Who are your greatest influences and what advice from them do you still apply to your career?
I can cite three individuals: one is Dr Jim Carter, who is an internist/endocrinologist at Penn. He was my Attending, as an intern and resident and really opened my eyes at what a well-versed, clear thinking internist could do for his patients. His comprehensive understanding of the patient and his systematic and deductive thought formed a model for me in my approach to my patients to this day, and I do not know if he realised the impact he had on me.
The second influences were a pair of individuals, who I came to work with my first year at Cornell. They were Michael Collins and Jonathan Goldstein. They were true “cath-jockeys” and in spite of my training as a fellow, I had never really encountered individuals who were truly fascinated with the technique itself. They taught me that cardiac catheterisation was not just a mechanical process, but actually had an artistic aspect to it. This was totally revelatory to me. Fortunately, Mike Collins and I have remained fast friends, and I worked with him again for the last 12 years, after he took a sojourn in Florida in private practice.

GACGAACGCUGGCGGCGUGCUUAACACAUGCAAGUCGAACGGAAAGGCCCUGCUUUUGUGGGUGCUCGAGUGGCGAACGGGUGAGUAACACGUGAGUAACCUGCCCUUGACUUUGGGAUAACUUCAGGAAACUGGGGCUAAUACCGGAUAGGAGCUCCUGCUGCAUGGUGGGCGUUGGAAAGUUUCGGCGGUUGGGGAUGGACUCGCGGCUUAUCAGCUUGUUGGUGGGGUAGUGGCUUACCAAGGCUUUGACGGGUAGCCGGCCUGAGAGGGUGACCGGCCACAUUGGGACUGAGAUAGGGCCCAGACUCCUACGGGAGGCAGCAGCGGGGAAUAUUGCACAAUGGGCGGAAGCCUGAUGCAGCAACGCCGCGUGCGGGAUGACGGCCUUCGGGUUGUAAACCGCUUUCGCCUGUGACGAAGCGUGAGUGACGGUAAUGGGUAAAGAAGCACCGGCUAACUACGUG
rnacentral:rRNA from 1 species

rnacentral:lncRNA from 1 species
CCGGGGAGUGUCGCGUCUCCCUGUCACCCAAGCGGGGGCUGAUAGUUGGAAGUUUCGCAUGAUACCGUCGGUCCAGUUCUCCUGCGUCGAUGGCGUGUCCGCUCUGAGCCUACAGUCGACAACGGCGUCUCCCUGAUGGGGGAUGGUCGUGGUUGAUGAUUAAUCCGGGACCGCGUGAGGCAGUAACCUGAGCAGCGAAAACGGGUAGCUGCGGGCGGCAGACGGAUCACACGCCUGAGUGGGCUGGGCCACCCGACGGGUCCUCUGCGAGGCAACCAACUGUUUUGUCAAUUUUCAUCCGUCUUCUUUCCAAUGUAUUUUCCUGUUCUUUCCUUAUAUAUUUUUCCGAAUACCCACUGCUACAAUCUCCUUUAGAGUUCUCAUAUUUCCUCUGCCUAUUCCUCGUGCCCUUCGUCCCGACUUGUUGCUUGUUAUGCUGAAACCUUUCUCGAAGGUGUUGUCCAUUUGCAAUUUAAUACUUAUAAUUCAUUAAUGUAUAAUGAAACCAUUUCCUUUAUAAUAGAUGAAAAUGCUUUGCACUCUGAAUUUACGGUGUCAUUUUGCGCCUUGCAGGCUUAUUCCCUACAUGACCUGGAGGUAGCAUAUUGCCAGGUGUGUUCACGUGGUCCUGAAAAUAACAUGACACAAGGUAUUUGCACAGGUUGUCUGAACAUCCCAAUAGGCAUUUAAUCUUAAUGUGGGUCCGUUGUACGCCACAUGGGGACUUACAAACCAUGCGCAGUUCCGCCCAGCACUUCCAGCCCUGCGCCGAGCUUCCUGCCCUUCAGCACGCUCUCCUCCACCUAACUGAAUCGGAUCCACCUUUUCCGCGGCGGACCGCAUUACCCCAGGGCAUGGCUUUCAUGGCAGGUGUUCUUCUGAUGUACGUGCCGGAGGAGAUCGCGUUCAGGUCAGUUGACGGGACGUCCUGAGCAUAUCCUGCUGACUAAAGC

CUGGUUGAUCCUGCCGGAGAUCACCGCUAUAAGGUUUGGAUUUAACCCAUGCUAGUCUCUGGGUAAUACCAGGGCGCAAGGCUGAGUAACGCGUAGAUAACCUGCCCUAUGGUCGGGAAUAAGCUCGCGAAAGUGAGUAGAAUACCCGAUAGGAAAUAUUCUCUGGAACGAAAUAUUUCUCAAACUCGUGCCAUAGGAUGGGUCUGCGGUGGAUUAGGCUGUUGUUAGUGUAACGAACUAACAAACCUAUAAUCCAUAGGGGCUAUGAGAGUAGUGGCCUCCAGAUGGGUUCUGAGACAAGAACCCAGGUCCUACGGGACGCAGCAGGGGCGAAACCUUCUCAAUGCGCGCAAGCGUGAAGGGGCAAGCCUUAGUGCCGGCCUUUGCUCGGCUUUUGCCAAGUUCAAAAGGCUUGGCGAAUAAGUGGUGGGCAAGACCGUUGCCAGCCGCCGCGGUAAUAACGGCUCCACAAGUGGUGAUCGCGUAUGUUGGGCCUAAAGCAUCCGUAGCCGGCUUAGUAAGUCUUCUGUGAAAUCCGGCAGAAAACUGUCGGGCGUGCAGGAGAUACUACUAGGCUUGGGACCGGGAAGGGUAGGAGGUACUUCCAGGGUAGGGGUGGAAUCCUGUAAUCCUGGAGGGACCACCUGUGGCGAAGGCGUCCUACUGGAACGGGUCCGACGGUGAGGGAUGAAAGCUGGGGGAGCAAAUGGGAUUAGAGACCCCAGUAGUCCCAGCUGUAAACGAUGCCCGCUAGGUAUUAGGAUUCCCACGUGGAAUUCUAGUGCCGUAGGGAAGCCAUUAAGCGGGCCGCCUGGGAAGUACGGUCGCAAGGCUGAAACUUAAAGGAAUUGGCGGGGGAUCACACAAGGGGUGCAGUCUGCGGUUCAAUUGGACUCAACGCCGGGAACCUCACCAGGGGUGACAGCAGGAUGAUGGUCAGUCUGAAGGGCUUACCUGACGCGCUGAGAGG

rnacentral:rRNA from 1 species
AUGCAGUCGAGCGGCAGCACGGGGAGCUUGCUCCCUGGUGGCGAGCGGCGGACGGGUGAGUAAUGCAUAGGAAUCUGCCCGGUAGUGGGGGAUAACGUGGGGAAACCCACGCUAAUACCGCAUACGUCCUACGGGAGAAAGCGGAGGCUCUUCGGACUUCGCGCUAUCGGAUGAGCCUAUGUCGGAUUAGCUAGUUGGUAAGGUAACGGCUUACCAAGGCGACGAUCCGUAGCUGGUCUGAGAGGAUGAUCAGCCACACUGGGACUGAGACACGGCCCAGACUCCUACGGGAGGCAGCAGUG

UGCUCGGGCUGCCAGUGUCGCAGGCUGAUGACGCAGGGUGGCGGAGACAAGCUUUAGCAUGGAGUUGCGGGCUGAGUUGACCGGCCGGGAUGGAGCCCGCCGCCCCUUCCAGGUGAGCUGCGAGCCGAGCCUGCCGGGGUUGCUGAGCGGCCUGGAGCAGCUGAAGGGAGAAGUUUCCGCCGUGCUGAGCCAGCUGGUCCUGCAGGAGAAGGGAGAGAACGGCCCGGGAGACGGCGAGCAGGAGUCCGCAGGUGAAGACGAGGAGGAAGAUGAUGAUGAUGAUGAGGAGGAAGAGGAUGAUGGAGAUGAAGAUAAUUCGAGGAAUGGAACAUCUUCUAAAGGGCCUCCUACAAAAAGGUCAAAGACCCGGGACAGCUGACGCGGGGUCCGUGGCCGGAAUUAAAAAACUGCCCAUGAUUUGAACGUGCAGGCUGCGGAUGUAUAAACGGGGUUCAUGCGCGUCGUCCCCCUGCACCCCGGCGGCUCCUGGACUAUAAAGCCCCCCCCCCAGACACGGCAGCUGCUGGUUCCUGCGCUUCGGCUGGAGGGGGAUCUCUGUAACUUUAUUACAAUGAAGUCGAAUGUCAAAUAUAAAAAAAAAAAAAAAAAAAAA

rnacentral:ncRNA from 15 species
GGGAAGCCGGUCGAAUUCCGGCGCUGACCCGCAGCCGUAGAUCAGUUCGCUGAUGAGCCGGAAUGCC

Lastly, I think the individual I think who was most formative in my approach towards interventional cardiology is Martin Leon. While he is my colleague and great friend, his vision when he was at the NIH and at the Washington Hospital Center, of integrating advanced techniques and scientific rigor into interventional cardiology, was something I adopted very early. It is because of his passion that I felt that integrating clinical research an essential ingredient for a successful programme and to render optimal treatment.
How has interventional cardiology evolved since you became an interventional cardiologist?